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I'm torn between thinking Dempsey is smart and being appalled at what a bad team player he is. Time for a new game. I don't want Dempsey to be shunned at the doggie water cooler!

Tuesday, October 13, 2009

Dempsey's doppelgänger

Dempsey has another visitor this week: His brother Sawyer. Sawyer, you may recall, looks like Dempsey's twin. Now that he's been here a few hours, we've learned that the similarity is more than skin deep.

For example, Sawyer packed his favorite toy: The Kong Squirrel. This is also Dempsey's favorite toy.

Sawyer has a green Gentle Leader and leash -- just like Dempsey. Sawyer has a large Pet Lodge kennel -- just like Dempsey.

And in class, when we had to develop our own lesson plan for a skill we picked, Sawyer learned "GI Joe." Dempsey learned "Semper Fido." They are both the same behavior: A belly crawl.

Whooo, spooky. Here are some pics of the two. Can you tell who is who?




Grad night and snow days

Dempsey went to his second graduation ceremony on Friday night. The last graduation we went to in May was nice, but this one was even nicer. Thanks to a generous donor, Helping Paws was able to rent the classier auditorium instead of the cafeteria at the high school, and the new "passing of the leash" ceremony made us a little teary eyed.

The best part, though, is that Doreen and I had volunteered for "team training," which allowed us to get to know the graduates a little. For those of you who are unfamiliar with "team training," it's an intensive 3-week course when the graduating dog is first placed with the person they'll be working with. Now, having seen it firsthand, we can report that it really is intense, which makes sense if you think about it. The dog has had 2 to 3 years working with the same trainer to learn almost 90 different cues. In team training, a person needs to learn all the cues, and the dog needs to learn how to work with a new handler. In 3 weeks.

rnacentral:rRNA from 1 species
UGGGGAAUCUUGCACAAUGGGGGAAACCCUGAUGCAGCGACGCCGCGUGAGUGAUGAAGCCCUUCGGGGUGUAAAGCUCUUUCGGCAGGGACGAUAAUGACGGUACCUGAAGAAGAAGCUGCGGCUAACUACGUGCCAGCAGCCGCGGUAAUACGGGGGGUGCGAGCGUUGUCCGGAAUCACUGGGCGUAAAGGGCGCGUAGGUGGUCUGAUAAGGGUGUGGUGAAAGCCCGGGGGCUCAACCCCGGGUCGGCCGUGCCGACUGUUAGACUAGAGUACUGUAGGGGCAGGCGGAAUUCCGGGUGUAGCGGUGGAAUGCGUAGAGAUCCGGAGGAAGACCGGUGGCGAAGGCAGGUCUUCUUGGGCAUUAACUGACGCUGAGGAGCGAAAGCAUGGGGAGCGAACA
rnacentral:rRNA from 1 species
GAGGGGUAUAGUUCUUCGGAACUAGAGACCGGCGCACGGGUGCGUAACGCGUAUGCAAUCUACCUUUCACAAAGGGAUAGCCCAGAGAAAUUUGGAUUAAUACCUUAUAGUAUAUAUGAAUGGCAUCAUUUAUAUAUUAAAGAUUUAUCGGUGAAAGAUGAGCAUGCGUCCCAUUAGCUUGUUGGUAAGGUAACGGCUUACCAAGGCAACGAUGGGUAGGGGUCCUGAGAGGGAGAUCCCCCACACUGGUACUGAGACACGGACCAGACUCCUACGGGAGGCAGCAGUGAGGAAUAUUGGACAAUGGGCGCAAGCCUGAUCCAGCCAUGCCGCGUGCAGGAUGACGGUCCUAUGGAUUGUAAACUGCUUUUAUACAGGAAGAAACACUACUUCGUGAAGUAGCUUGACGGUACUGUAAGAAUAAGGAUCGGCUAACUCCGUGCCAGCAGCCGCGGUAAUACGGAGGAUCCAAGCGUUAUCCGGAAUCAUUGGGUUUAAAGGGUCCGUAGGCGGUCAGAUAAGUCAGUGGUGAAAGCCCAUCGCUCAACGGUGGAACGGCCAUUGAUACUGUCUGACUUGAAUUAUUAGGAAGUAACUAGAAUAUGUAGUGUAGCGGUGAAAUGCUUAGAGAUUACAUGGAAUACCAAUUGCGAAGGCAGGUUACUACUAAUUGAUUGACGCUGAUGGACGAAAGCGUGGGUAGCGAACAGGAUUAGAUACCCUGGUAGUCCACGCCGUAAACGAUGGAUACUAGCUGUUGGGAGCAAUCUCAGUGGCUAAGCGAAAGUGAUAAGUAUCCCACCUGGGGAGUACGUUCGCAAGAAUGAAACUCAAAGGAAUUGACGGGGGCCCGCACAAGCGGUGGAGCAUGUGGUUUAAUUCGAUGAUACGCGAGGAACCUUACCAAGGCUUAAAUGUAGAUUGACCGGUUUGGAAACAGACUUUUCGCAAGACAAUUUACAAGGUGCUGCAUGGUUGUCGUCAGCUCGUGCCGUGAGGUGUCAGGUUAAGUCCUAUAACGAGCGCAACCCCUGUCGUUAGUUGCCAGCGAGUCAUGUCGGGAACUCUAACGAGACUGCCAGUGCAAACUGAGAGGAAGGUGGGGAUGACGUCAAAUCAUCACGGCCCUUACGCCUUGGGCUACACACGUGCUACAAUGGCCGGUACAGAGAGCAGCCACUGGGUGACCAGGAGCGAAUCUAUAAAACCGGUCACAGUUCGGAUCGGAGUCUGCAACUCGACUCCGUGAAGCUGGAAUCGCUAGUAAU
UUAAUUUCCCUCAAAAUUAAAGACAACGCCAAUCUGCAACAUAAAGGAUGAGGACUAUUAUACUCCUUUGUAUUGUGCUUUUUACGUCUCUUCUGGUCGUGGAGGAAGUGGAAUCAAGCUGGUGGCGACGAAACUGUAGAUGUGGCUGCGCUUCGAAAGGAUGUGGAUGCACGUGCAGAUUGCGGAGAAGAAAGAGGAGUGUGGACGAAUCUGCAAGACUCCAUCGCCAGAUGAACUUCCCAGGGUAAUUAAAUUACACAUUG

We knew a couple of the dogs already from demos, and we knew they were superbly trained. But with a new handler, they seemed less confident, more easily distracted. It really brought home the fact that dogs are not robots, and it takes time to develop skills and trust. It really is teamwork.

The other big eye-opener for me was seeing how things can be "handicapped accessible" in theory, but not in practice. For example, there was a door at the mall which had a small switch mounted on the wall to open it. The door, unfortunately, is the kind that swings out, and when it does, it blocks the switch. One of the graduates I was working with had limited arm mobility, and it was impossible for her to hit the switch herself. To get into the mall, she needs a service dog. The dog, in turn, needs to very skilled. He needs to "rise" to get to the switch, then "switch" it on with his paws. Then he needs to go "back" to get out of the way of the opening door, and then quickly follow "behind" the wheelchair to go inside before it automatically slams shut, in about 15 seconds.

There's a very real chance that either the dog or the person in the wheelchair can be injured by the door that swings open and closed too quickly. What we're teaching the dogs are not cute pet tricks for a Bob Saget TV special, but real skills that have real safety consequences. A key dropped outside in the Minnesota winter can literally be a life-or-death situation, and the dog really needs to be able to retrieve it, quickly, every time. We knew all this before, but there's nothing like seeing it firsthand to really drive the point home.

Fortunately, we have some terrific team trainers at Helping Paws, and I saw a big improvement over just a couple of days. At graduation, we saw some of the dogs snuggling with their new people, as if they'd been friends for years. It really is very touching.

Graduation is a big occasion, and I wish I had been able to watch it. Not only were we teary eyed, we were accompanied by a very fidgety young puppy. I'm not sure how Dempsey did it, but in the sparkling clean auditorium, he managed to find, under my seat, a half-opened container of Wendy's Buttery Best Spread. Although "buttery spread" is not butter, it still drove Dempsey nuts; he spent most of the time trying to find another container, and I had to bribe him constantly to just sit still. Aargh.